Parzen family COVID-19 update: isolated and vigilant as Houston sets new daily records for cases and deaths.

Tracie and I would like to share our heartfelt thanks with everyone who’s sent us messages to make sure that we are okay. She, Georgia, Lila Jane, and I are all healthy and safe, hunkered down in our southwest Houston home.

We only go out to exercise, take walks, and pickup groceries curbside. We are extremely fortunate to live in a residential neighborhood where it’s easy to social distance when we are outside. And both Tracie and I work from home.

Yesterday, we learned that another member of our extended family here in the Houston area has COVID-19. That makes three persons in our family who now have the virus. We are praying for their speedy recovery.

Houston continues to set daily records of numbers of contagions and deaths. There are reports, some of them verified by mainstream media, that refrigerated trailers have been brought in to serve as morgues at local hospitals.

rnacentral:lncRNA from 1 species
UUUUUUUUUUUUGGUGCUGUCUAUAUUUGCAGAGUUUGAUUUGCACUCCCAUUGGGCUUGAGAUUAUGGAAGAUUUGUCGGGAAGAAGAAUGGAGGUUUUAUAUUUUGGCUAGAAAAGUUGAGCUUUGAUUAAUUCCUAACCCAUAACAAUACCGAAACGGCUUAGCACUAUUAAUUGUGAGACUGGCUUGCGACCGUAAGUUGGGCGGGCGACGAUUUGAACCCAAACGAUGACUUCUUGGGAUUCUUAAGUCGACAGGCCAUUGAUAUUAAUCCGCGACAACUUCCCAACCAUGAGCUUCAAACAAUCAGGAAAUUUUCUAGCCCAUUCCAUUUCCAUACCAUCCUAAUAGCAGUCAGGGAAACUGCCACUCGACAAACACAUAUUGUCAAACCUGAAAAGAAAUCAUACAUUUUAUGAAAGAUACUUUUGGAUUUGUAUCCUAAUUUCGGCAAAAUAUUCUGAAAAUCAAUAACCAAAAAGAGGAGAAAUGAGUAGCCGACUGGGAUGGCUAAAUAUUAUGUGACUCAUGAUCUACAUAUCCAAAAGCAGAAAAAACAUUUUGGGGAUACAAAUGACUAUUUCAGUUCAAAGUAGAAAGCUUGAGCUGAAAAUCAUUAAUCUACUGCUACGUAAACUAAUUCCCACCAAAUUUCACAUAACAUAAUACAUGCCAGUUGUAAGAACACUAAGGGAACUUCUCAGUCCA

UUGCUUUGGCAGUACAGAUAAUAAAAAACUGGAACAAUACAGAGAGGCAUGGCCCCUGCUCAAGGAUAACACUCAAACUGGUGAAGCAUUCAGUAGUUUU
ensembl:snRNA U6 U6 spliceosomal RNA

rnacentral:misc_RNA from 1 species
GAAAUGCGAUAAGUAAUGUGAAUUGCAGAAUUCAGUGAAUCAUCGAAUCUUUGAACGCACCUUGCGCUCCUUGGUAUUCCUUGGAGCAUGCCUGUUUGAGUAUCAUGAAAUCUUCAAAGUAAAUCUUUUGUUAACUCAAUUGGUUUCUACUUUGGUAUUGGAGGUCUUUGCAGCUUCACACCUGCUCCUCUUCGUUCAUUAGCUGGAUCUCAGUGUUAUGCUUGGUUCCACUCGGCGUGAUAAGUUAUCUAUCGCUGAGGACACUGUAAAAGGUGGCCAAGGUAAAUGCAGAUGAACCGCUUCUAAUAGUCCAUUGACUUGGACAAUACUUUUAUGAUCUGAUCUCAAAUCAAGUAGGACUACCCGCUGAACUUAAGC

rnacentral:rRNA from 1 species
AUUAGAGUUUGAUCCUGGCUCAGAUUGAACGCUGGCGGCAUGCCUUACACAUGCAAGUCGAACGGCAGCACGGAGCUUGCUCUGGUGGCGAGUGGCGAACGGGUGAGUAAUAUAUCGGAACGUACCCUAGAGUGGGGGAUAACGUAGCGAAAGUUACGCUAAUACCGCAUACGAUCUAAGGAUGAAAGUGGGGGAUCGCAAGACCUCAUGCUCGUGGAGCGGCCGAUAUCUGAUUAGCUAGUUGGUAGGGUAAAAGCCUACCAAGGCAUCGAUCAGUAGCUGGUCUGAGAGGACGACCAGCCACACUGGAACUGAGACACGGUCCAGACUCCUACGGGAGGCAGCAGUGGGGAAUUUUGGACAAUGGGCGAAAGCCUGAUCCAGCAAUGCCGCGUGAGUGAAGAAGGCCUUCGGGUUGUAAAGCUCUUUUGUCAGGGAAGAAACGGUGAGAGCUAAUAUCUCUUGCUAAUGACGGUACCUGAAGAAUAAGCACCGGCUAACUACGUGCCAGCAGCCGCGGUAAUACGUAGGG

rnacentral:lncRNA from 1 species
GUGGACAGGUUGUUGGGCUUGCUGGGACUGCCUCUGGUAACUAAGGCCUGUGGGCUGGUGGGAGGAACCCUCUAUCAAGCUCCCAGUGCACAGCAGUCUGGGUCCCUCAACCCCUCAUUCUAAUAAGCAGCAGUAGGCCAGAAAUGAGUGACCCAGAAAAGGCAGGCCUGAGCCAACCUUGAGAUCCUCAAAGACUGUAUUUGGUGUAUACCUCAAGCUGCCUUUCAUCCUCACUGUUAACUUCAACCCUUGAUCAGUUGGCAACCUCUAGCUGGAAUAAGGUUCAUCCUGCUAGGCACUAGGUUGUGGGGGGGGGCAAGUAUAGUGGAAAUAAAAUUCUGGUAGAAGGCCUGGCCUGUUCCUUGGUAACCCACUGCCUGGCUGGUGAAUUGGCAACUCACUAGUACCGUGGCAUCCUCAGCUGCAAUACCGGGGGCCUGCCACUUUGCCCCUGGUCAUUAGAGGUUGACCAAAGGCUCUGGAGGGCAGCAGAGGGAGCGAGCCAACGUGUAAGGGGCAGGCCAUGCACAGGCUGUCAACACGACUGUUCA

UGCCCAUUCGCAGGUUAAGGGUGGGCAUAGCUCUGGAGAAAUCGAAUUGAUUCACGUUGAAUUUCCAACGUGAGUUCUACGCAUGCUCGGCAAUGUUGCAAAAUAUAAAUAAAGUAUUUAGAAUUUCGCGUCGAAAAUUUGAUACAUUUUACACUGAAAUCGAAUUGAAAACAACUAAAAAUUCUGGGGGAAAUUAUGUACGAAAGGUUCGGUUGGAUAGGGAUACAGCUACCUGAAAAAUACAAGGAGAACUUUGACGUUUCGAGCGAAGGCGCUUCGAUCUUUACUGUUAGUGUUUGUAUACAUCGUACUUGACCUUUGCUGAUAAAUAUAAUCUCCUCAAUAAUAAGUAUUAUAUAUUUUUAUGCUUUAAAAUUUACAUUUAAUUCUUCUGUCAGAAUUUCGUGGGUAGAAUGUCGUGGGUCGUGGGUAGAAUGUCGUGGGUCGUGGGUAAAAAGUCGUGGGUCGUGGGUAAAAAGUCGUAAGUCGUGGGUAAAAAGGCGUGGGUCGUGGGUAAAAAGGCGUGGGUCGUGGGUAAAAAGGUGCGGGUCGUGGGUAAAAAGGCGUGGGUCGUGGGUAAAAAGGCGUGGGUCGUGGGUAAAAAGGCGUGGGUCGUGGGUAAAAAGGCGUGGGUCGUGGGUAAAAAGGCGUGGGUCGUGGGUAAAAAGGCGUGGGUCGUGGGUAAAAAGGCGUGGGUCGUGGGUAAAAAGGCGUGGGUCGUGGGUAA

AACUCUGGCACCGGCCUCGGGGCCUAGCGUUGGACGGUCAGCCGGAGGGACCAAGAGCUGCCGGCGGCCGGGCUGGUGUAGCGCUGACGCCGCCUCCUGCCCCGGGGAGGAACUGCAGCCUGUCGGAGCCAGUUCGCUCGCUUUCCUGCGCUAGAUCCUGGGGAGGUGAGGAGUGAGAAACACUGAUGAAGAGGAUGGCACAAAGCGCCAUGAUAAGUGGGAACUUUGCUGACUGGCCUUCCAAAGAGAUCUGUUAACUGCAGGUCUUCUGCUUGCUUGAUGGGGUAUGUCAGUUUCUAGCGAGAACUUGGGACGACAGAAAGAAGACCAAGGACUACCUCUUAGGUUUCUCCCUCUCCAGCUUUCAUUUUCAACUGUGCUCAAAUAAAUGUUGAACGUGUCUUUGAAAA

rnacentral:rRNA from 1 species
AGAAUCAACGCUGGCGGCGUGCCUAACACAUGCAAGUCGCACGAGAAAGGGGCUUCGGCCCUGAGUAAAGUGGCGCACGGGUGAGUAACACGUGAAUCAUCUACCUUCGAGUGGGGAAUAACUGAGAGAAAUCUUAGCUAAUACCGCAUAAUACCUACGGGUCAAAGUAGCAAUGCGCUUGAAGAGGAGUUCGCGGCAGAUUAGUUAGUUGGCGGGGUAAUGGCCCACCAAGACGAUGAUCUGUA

Tragically, Texas governor Greg Abbot continues to refuse to allow our locally elected officials to order the two-week lockdown that they have proposed. At least one Houston-area county is now openly defying his mandatory mask order.

So many people in our community — and our country — are suffering and dying right now. All we can do is to continue to isolate and minimize our exposure as best as we can.

Please stay home if you can. Please wear a mask if you go out in public. Please continue to support those who have no choice but to work outside the home.

Thank you again for all the notes and messages. They mean a lot.

Letter to my daughters on my birthday.

Lila Jane and Georgia, thank you for my birthday wishes and a morning full of cards, hugs, and laughter! You two and your mother are the loves of my life!